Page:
On Sunday 19 th March I logged off Twitter in a fit of frustration. This source of my indignation: once again Black Twitter was embroiled in diaspora wars. There are few places where seemingly disparate sections of the global black population are drawn together in cultural exchange, Twitter being perhaps the most significant virtual space to offer that, however occasionally those sites become battlegrounds where Caribbean islanders, African Americans, West Africans and Black British tweeters “fight” over which group is the most culturally relevant. Diaspora wars are often a mix of jokes, pettiness but sometimes they stray into harmful rhetoric.
Tensions between Black Brits and African Americans flared up a few weeks ago after Samuel L Jackson made comments about roles given to black actors from the UK which he felt should be given to African American actors. He was referring explicitly to Daniel Kaluuya’s starring role in Jordan Peele’s thriller debut Get Out, but the comments also sparked discussion about roles portraying significant historical figures like Martin Luther King Jr, who was played by David Oyelowo in Selma.
Jackson and others suggested black actors from the UK cannot understand the nuances of pain and oppression felt by their African American counterparts and therefore shouldn’t portray them. What was particularly frustrating about Jackson’s comments for me was the ignorance it conveyed about the racial discrimination in the UK. In the “Diaspora Wars Uncut” podcast episode of 20something, Ogaga Emuveyan suggests that American knowledge of Black identity in the UK is limited: “we can see them and they can’t see us.”
From early childhood people in the UK are exposed to and submerged in American narratives, including representations of African American culture, history and media. The reverse is simply not true. American cultural imperialism means they have a far larger megaphone, so to speak, than black people in the UK or other western countries such as Canada. It makes it difficult to dispel the myth that the UK is some sort of post-racial utopia where we all communally sip tea and nibble crumpets, because experiences of racial discrimination are met with incredulity.
It doesn’t help that communities here thought not separated by oceans are still sometimes separated by antagonisms concerning culture. Tensions between the West African and Caribbean populations in the UK have been documented from as early into the beginnings of multicultural Britain as the 1950s, for example in Colin MacInnes’ City of Spades. However, I feel there has been of late a dissolving of those tensions thanks in part to Grime, where MCs of West African and Caribbean descent have continually collaborated. Call me cheesy, but I can’t help but see it as some sort of intra-diasporic embrace.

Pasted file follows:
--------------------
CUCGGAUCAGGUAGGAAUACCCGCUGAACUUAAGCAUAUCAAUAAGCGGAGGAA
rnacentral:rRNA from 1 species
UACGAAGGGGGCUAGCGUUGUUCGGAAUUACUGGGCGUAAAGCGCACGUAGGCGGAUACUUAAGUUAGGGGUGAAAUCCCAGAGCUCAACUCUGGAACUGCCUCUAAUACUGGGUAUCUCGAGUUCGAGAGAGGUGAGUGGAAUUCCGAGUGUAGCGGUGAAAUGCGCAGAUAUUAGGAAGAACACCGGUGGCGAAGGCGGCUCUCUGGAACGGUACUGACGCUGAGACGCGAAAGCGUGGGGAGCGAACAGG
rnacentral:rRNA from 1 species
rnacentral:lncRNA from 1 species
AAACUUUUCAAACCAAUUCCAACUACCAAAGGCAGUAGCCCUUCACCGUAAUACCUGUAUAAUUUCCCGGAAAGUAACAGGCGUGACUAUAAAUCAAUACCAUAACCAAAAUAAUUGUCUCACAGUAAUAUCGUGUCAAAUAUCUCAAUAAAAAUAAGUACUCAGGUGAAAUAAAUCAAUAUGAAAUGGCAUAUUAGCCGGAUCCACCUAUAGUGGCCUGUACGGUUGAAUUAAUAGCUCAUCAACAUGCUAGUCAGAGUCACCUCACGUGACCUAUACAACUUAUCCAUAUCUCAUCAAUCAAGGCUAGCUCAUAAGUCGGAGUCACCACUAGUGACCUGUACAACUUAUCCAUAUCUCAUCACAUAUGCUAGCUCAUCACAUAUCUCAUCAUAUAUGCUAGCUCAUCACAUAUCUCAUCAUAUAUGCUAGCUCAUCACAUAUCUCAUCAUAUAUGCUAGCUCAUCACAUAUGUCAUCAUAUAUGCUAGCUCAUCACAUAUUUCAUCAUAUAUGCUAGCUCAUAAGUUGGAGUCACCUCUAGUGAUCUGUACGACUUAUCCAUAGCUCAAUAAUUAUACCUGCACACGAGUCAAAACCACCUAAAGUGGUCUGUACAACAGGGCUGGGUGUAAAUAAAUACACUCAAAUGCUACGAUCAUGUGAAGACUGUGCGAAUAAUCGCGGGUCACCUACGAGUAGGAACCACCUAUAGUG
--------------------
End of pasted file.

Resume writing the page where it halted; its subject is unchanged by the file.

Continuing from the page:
So it was both fascinating and frustrating that the release of Drake’s More Life, an eclectic mix of diasporic influences including Grime, seemed to cause both aural pleasure and cultural consternation. How dancehall-inspired is it really? Is this appropriation? Who the hell are Giggs and Skepta? Is UK rap just trash? That’s not to say we can’t have conversations about the rising influence of Grime, or the apparent lapse of America’s cultural dominance in certain places. That’s not to say we can’t have conversations about what counts as appropriation and what is appreciation. That’s not to say we can’t joke. Neither is it an issue of respectability politics concerning “fighting in public”.
It’s about the direction some of the rhetoric takes where it became less about the cultural exchange and more a thinly veiled fight about which group is “the best”. It’s ridiculous. What are the criteria for black cultural supremacy anyhow? How quickly the jokes became regurgitations of the same rhetoric utilised by white supremacy to denigrate black communities, a veritable showcase of internalised racism in the form of apparent “banter.” It’s all
irrelevant. There is a bigger fight. With the internet, even – for all its faults – with Twitter, has come something we lacked previously. We now have the chance to learn about each other in real time.
Americans have the chance to learn about the black British experience, black people in the UK British have the chance to learn about the Afro-European experience on the Continent. There are nuances to our respective struggles, but what it comes to ultimately is the struggle against white supremacy.